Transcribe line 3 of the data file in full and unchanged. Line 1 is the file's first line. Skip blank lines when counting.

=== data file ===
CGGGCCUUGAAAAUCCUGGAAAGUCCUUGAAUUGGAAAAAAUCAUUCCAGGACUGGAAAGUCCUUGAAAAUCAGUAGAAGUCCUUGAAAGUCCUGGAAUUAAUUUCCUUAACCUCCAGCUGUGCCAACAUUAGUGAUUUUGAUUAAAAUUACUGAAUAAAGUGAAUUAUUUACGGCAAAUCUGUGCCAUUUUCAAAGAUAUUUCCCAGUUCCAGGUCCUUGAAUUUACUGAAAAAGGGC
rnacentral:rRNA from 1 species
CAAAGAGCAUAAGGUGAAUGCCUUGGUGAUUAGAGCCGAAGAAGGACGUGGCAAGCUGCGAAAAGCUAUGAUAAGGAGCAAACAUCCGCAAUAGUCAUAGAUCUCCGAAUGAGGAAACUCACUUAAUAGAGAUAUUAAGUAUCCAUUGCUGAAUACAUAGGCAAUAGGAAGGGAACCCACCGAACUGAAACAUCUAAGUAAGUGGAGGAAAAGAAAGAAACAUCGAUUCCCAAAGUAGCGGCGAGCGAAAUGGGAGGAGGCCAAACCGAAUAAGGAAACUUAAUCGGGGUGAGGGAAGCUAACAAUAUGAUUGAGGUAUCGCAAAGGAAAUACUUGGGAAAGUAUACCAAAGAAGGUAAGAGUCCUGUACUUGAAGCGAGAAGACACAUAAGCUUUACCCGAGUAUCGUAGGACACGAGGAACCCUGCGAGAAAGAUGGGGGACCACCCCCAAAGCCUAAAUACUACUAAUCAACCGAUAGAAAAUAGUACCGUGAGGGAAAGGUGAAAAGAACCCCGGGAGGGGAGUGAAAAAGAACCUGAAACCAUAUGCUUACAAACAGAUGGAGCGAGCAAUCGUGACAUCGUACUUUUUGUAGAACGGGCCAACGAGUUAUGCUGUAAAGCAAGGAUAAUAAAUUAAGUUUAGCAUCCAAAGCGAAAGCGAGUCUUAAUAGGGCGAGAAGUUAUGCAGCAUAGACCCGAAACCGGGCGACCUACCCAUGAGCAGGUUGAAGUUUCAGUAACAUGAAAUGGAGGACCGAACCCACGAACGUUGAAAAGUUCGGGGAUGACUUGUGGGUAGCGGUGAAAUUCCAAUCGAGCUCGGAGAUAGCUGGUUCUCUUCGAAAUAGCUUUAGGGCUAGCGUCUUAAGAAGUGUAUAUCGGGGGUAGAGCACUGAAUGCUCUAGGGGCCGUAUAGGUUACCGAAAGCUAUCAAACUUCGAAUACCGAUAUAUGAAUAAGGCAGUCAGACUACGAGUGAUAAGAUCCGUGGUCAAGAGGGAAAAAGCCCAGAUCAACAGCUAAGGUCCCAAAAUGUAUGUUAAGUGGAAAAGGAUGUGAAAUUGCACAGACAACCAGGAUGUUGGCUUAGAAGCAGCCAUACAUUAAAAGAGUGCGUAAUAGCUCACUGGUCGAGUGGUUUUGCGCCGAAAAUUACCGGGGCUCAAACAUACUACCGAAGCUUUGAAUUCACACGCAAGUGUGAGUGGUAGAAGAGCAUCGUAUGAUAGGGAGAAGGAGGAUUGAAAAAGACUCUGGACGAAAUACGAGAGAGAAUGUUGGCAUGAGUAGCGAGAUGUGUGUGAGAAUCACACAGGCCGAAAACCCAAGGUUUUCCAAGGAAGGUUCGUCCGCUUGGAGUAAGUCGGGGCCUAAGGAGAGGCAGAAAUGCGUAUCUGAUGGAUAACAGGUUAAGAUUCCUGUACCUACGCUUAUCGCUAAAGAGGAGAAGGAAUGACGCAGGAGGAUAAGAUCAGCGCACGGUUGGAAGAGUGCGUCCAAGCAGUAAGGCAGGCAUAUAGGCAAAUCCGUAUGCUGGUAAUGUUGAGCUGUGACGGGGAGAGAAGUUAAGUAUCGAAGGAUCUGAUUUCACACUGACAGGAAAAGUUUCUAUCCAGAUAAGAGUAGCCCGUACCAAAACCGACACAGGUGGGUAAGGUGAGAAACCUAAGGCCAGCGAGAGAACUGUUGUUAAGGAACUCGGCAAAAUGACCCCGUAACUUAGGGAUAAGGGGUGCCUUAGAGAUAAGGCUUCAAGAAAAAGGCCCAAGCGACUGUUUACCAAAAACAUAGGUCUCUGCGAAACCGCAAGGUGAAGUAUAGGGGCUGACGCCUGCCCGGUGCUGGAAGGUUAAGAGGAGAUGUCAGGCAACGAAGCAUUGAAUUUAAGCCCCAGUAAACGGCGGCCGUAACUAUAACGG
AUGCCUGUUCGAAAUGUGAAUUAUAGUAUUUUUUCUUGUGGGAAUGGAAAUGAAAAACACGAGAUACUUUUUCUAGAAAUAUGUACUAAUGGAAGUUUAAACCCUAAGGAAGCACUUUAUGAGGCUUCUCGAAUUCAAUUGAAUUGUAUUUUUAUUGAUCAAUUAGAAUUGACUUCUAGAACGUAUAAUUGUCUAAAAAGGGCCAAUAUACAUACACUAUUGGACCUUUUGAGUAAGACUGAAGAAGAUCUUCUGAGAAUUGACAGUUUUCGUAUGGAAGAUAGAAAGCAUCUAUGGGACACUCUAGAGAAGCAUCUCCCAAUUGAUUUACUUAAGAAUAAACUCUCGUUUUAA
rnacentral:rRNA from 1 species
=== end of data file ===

CAAAGAGCAUAAGGUGAAUGCCUUGGUGAUUAGAGCCGAAGAAGGACGUGGCAAGCUGCGAAAAGCUAUGAUAAGGAGCAAACAUCCGCAAUAGUCAUAGAUCUCCGAAUGAGGAAACUCACUUAAUAGAGAUAUUAAGUAUCCAUUGCUGAAUACAUAGGCAAUAGGAAGGGAACCCACCGAACUGAAACAUCUAAGUAAGUGGAGGAAAAGAAAGAAACAUCGAUUCCCAAAGUAGCGGCGAGCGAAAUGGGAGGAGGCCAAACCGAAUAAGGAAACUUAAUCGGGGUGAGGGAAGCUAACAAUAUGAUUGAGGUAUCGCAAAGGAAAUACUUGGGAAAGUAUACCAAAGAAGGUAAGAGUCCUGUACUUGAAGCGAGAAGACACAUAAGCUUUACCCGAGUAUCGUAGGACACGAGGAACCCUGCGAGAAAGAUGGGGGACCACCCCCAAAGCCUAAAUACUACUAAUCAACCGAUAGAAAAUAGUACCGUGAGGGAAAGGUGAAAAGAACCCCGGGAGGGGAGUGAAAAAGAACCUGAAACCAUAUGCUUACAAACAGAUGGAGCGAGCAAUCGUGACAUCGUACUUUUUGUAGAACGGGCCAACGAGUUAUGCUGUAAAGCAAGGAUAAUAAAUUAAGUUUAGCAUCCAAAGCGAAAGCGAGUCUUAAUAGGGCGAGAAGUUAUGCAGCAUAGACCCGAAACCGGGCGACCUACCCAUGAGCAGGUUGAAGUUUCAGUAACAUGAAAUGGAGGACCGAACCCACGAACGUUGAAAAGUUCGGGGAUGACUUGUGGGUAGCGGUGAAAUUCCAAUCGAGCUCGGAGAUAGCUGGUUCUCUUCGAAAUAGCUUUAGGGCUAGCGUCUUAAGAAGUGUAUAUCGGGGGUAGAGCACUGAAUGCUCUAGGGGCCGUAUAGGUUACCGAAAGCUAUCAAACUUCGAAUACCGAUAUAUGAAUAAGGCAGUCAGACUACGAGUGAUAAGAUCCGUGGUCAAGAGGGAAAAAGCCCAGAUCAACAGCUAAGGUCCCAAAAUGUAUGUUAAGUGGAAAAGGAUGUGAAAUUGCACAGACAACCAGGAUGUUGGCUUAGAAGCAGCCAUACAUUAAAAGAGUGCGUAAUAGCUCACUGGUCGAGUGGUUUUGCGCCGAAAAUUACCGGGGCUCAAACAUACUACCGAAGCUUUGAAUUCACACGCAAGUGUGAGUGGUAGAAGAGCAUCGUAUGAUAGGGAGAAGGAGGAUUGAAAAAGACUCUGGACGAAAUACGAGAGAGAAUGUUGGCAUGAGUAGCGAGAUGUGUGUGAGAAUCACACAGGCCGAAAACCCAAGGUUUUCCAAGGAAGGUUCGUCCGCUUGGAGUAAGUCGGGGCCUAAGGAGAGGCAGAAAUGCGUAUCUGAUGGAUAACAGGUUAAGAUUCCUGUACCUACGCUUAUCGCUAAAGAGGAGAAGGAAUGACGCAGGAGGAUAAGAUCAGCGCACGGUUGGAAGAGUGCGUCCAAGCAGUAAGGCAGGCAUAUAGGCAAAUCCGUAUGCUGGUAAUGUUGAGCUGUGACGGGGAGAGAAGUUAAGUAUCGAAGGAUCUGAUUUCACACUGACAGGAAAAGUUUCUAUCCAGAUAAGAGUAGCCCGUACCAAAACCGACACAGGUGGGUAAGGUGAGAAACCUAAGGCCAGCGAGAGAACUGUUGUUAAGGAACUCGGCAAAAUGACCCCGUAACUUAGGGAUAAGGGGUGCCUUAGAGAUAAGGCUUCAAGAAAAAGGCCCAAGCGACUGUUUACCAAAAACAUAGGUCUCUGCGAAACCGCAAGGUGAAGUAUAGGGGCUGACGCCUGCCCGGUGCUGGAAGGUUAAGAGGAGAUGUCAGGCAACGAAGCAUUGAAUUUAAGCCCCAGUAAACGGCGGCCGUAACUAUAACGG